Poland and the euro

Poland does not use the euro as its currency. However, under the terms of their Treaty of Accession with the European Union, all new Member States "shall participate in the Economic and Monetary Union from the date of accession as a Member State with a derogation", which means that Poland is obliged to eventually replace its currency, the złoty, with the euro.

Eurozone participation
European Union (EU) member states
  19 in the eurozone.
  2 in ERM II, without opt-outs (Bulgaria and Croatia).
  1 in ERM II, with an opt-out (Denmark).
  5 not in ERM II, but obliged to join the eurozone on meeting convergence criteria (Czech Republic, Hungary, Poland, Romania, and Sweden).
Non-EU member territories
  4 using the euro with a monetary agreement (Andorra, Monaco, San Marino, and Vatican City).
  2 using the euro unilaterally (Kosovo[lower-alpha 1] and Montenegro).

There is no target date for Polish euro adoption, and no fixed date for when the country will join ERM-II (the fifth euro convergence criterion). [1]

Euro adoption will require the approval of at least two-thirds of the Sejm to make a constitutional amendment changing the official currency from the złoty to the euro.[2] The ruling Law and Justice Party opposes euro adoption.[3][4] Former PM Donald Tusk has said that he may agree to a referendum on euro participation in order to gain their support for a constitutional amendment. Public opinion is against participation according to polls, with more than 70 percent believing that adoption of the euro would be bad for the Polish economy according to one poll from September 2012.[5]

There is not yet any official information on the design process for the Polish national sides of the euro coins.

Political preparations for euro adoption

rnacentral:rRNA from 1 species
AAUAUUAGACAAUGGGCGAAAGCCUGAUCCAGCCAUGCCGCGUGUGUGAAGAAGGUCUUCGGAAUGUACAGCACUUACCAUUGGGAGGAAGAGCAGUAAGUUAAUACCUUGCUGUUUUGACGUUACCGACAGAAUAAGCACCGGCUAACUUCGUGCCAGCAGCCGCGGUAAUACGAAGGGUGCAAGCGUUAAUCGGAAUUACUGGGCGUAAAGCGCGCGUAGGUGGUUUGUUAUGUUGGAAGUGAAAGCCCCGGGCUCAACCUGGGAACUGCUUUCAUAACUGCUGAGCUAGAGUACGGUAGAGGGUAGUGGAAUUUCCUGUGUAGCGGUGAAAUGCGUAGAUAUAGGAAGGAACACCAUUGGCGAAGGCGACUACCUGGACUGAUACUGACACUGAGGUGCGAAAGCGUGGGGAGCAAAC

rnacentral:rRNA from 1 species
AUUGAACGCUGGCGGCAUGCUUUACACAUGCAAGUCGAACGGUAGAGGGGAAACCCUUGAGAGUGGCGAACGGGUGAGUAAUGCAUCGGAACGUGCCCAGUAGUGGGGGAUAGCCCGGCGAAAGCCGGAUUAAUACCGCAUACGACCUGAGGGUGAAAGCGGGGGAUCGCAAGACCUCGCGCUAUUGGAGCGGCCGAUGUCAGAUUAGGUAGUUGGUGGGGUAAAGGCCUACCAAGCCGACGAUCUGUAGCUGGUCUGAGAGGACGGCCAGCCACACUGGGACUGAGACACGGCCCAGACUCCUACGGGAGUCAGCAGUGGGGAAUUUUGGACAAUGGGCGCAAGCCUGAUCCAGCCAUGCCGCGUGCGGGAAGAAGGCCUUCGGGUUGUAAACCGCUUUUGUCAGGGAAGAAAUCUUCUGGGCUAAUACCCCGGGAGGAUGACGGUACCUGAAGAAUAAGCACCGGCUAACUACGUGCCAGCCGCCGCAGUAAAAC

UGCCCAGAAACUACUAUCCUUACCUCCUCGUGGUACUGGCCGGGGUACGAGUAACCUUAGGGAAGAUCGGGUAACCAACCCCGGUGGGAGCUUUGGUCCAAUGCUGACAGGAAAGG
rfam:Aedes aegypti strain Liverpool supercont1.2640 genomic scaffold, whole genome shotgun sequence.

Prior to 2004

Plans to join the eurozone began back in 2003 before the accession to the EU, when the contemporary premier Leszek Miller stated that Poland would join the eurozone between 2007 and 2009.[6] One of the leaders of Civic Platform party (PO) Jan Rokita was certain that the best way to converge to euro was through a unilateral euroization.[7] Nevertheless, euroization is against the rules of the EU and it cannot be adopted by any Member State without the approval of the Union. Lastly, the plan was not finalized and Poland suspended it.


During coalition of Law and Justice, Self-Defence of the Republic of Poland and League of Polish Families the euro was not a priority on Poland's agenda. In 2006 the premier Kazimierz Marcinkiewicz stated that the accession to euro area was possible only after 2009, as it would be possible that Polish deficit decreases to 3% of GDP until the end of 2007.[8] Till then the negotiations on Poland in the eurozone have been postponed.[8] Even more sceptical position held the premier Jarosław Kaczyński. In his opinion the euro was disadvantageous for Poland, and it would cause increase of prices, moreover, the stability of Polish złoty before the convergence would lose stability.[9]


The euro adoption process in Poland is regulated by the Strategic Framework for National Euro Changeover Plan (adopted by the Council of Ministers in 2010) and the National Euro Changeover Plan (approved in 2011 by the Committee for European Affairs). The plan comprises an economic impact assessment of the euro adoption, followed by a chapter on the measures needed to ensure Polish compliance with the "Maastricht convergence criteria", and finally a roadmap for the euro changeover process.